Take the 2-minute tour ×
Stack Overflow is a question and answer site for professional and enthusiast programmers. It's 100% free, no registration required.

For example, my input for variable day can be Monday or Monday, Tuesday or Monday,..,Friday and I'm trying to use regex in python to just provide a pattern and check its input.

result = re.compile(r'\([S|M|T|W|Th|F|Sa]\)|\([S|M|T|W|Th|F|Sa],[S|M|T|W|Th|F|Sa]+\)')
day = "(T,Th)"
if result.match(day):
  print "matched"
  print 'not'

What if the given input is (T,Th,F) or (T,Th,F,Sa)? What should I do to my pattern to handle these kind of input? Is there any solution so it wont be lengthy?

share|improve this question
[] represents a character class, | is not an or operation there. Use (S|M|T|W|Th|F|Sa)... –  Ashwini Chaudhary Jan 24 '14 at 16:11

2 Answers 2

An answer without regex would be:

week = ["S", "M", "T", "W", "Th", "F", "Sa"]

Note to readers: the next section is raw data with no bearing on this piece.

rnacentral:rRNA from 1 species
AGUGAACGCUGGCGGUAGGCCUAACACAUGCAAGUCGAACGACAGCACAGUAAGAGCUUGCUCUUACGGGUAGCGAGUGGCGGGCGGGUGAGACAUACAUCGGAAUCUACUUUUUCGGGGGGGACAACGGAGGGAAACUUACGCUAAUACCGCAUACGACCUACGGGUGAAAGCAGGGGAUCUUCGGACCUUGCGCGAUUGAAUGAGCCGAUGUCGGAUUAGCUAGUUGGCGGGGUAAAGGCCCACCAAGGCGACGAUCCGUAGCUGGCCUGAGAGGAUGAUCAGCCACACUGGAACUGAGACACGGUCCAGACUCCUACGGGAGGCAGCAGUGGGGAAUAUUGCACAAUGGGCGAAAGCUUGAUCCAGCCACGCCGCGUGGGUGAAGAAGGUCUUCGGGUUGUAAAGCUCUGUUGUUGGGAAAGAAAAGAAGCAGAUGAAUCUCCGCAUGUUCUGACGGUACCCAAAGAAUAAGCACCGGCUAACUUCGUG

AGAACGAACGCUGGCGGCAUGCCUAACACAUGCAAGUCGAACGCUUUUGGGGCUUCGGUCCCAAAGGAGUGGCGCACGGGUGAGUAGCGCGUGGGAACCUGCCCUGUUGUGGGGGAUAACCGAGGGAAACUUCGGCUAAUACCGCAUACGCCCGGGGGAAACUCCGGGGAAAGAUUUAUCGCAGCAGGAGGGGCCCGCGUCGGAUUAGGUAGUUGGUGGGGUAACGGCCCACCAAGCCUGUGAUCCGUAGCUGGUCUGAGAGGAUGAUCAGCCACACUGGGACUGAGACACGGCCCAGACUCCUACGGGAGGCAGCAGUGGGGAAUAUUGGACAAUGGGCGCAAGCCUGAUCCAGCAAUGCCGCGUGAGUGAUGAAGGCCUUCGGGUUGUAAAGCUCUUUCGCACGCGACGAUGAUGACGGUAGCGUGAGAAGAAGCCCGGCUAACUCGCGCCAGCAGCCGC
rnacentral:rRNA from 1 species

days = "(T,Th,C)"
no_match = False
for day in days[1:-1].split(","): #split separates your days-string, [1:-1] removes brackets
    if day not in week:
        no_match = True
if no_match:
    print "not"
    print "matched"

the [1:-1] are slicing notation, bascially it creates a string starting at character with index 1 (= 2nd character) and ending at the next-to-last character. In fact it removes the brackets.

share|improve this answer
It worked! Can you explain to me what does days[1:-1] mean? –  user3226156 Jan 24 '14 at 16:21
@user3226156 Basically excluding the first and last character. In his example, only includes T,Th,C. –  Ray Jan 24 '14 at 16:28

Use this regex:


The (S|M|T|W|Th|F|Sa) matches any weekday. Be careful to use round parentheses, not square brackets, as these represent character classes (see Ashwini Chaudhary's comment)

This will match, for example:

  • (M, T, W)
  • (M)
  • (T, Sa, Fr)
  • (T,M,Th)
share|improve this answer
I see, that's what '*' is used for. –  user3226156 Jan 24 '14 at 16:43
@user3226156 Yes, exactly. It means 'zero or more of this'. –  Timo Jan 24 '14 at 16:47

Your Answer


By posting your answer, you agree to the privacy policy and terms of service.

Not the answer you're looking for? Browse other questions tagged or ask your own question.